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Southeast Asia

The Use of The ASEAN Way In Resolving Disputes

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Authors: Harsh Mahaseth and Aadya Narain* 

The Association of Southeast Asian Nations (ASEAN) has a unique method of diplomacy known as the ASEAN Way, based on four principles: non-interference, quiet diplomacy, non-use of force, and decision making through consensus.=The principle of non-interference, considered the most important, necessitates that member countries do not interfere with internal issues. Introduced by Director Termsak, this policy was intended to emphasise that ASEAN is based on voluntary membership, it’s a non-political organisation, and every country is required to preserve its identity and national government. This is concurrent with quiet diplomacy, intended for bilateral tensions. It ensures that members avoid embarrassment by allowing ASEAN leaders to communicate without bringing the discussions into the public view. Many scholars argue that the regional grouping successfully tackled various intra-regional impediments to Southeast Asia’s political stability and regional security. The ASEAN Way is considered reflective of the broader principle of “Asian solutions to Asian problems”, which aims to avoid Western influence in intra-Asian conflicts.

THE USE OF THE ASEAN WAY: HISTORICAL CIRCUMSTANCES

Following the military junta’s coup and subsequent takeover in Burma, 1988, ASEAN adopted constructive engagement and an open-door policy,  as opposed to the United States’ public isolation tactic. The approach had positive long-term consequences, introducing gradual changes in Burma’s leadership towards human rights and democracy. However, the critique posited by western countries and human rights organisations pointed out that ASEAN had granted legitimacy to the military government, with scholars noting that by 1966 the human rights situation was abysmal, the year being judged to be the worst for state abuse.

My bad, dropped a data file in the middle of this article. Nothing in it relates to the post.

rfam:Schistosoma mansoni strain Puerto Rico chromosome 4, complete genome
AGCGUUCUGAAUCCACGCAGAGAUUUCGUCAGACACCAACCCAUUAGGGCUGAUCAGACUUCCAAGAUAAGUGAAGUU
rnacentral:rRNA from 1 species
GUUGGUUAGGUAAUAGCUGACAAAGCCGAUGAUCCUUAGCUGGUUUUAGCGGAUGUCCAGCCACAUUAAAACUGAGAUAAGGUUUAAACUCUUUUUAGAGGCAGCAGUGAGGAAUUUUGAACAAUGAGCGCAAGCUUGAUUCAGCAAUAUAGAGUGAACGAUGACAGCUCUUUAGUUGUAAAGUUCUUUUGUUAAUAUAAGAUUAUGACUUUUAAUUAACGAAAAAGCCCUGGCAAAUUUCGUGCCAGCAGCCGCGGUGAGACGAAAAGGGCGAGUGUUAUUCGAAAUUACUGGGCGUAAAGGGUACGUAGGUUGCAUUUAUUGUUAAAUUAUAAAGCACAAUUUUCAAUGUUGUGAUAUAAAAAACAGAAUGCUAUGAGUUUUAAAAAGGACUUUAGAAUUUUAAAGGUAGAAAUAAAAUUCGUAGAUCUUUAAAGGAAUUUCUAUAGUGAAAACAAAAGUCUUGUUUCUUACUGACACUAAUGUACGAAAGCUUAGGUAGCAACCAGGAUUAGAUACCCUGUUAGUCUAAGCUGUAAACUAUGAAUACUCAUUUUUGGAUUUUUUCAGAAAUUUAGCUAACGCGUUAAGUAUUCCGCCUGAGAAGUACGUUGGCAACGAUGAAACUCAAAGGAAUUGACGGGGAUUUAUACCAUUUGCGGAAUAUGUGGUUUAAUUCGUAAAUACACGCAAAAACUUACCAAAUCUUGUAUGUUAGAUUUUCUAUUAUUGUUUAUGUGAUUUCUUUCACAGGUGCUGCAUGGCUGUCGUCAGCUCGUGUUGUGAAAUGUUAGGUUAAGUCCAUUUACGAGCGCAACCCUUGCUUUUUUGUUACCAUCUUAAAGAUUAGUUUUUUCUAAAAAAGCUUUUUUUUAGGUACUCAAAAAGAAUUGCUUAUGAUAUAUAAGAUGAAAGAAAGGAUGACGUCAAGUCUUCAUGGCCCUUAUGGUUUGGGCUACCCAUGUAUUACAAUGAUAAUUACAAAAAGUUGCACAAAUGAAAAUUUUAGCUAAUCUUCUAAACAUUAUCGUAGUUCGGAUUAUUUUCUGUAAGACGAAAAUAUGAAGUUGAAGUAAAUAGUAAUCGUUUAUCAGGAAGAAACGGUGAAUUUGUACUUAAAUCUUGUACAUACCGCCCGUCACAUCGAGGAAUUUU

Cambodia witnessed a violent change of government led by the Prime Minister Hun Sen, ending the coalition administered by the United Nations elections in 1993. Cambodia was not a member of ASEAN, and plans were underway to include it. However, the ASEAN Way was highly unsuccessful, as the organisation was ill-equipped to engage constructively with a non-member country. Moreover, the ASEAN Way’s emphasis on non-military engagement further deteriorated the region’s stability when Vietnam invaded Cambodia.